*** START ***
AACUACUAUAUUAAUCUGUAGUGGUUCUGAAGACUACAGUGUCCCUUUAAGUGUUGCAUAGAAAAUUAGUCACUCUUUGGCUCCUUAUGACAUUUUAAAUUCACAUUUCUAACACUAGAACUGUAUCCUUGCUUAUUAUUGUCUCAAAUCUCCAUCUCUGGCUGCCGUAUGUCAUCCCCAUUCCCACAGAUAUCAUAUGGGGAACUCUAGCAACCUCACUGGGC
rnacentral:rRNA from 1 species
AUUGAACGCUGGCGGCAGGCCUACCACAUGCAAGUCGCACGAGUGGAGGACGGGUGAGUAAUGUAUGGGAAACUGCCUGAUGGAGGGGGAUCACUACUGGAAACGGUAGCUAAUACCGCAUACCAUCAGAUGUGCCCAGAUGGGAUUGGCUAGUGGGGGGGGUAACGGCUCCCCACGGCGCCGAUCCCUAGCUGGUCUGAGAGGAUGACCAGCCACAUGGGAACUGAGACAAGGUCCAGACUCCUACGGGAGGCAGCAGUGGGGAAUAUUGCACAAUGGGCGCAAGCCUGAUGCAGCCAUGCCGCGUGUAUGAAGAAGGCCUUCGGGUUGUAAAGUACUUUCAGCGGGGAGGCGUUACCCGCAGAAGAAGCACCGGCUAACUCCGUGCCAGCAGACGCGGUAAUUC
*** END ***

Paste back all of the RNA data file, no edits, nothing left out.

AACUACUAUAUUAAUCUGUAGUGGUUCUGAAGACUACAGUGUCCCUUUAAGUGUUGCAUAGAAAAUUAGUCACUCUUUGGCUCCUUAUGACAUUUUAAAUUCACAUUUCUAACACUAGAACUGUAUCCUUGCUUAUUAUUGUCUCAAAUCUCCAUCUCUGGCUGCCGUAUGUCAUCCCCAUUCCCACAGAUAUCAUAUGGGGAACUCUAGCAACCUCACUGGGC
rnacentral:rRNA from 1 species
AUUGAACGCUGGCGGCAGGCCUACCACAUGCAAGUCGCACGAGUGGAGGACGGGUGAGUAAUGUAUGGGAAACUGCCUGAUGGAGGGGGAUCACUACUGGAAACGGUAGCUAAUACCGCAUACCAUCAGAUGUGCCCAGAUGGGAUUGGCUAGUGGGGGGGGUAACGGCUCCCCACGGCGCCGAUCCCUAGCUGGUCUGAGAGGAUGACCAGCCACAUGGGAACUGAGACAAGGUCCAGACUCCUACGGGAGGCAGCAGUGGGGAAUAUUGCACAAUGGGCGCAAGCCUGAUGCAGCCAUGCCGCGUGUAUGAAGAAGGCCUUCGGGUUGUAAAGUACUUUCAGCGGGGAGGCGUUACCCGCAGAAGAAGCACCGGCUAACUCCGUGCCAGCAGACGCGGUAAUUC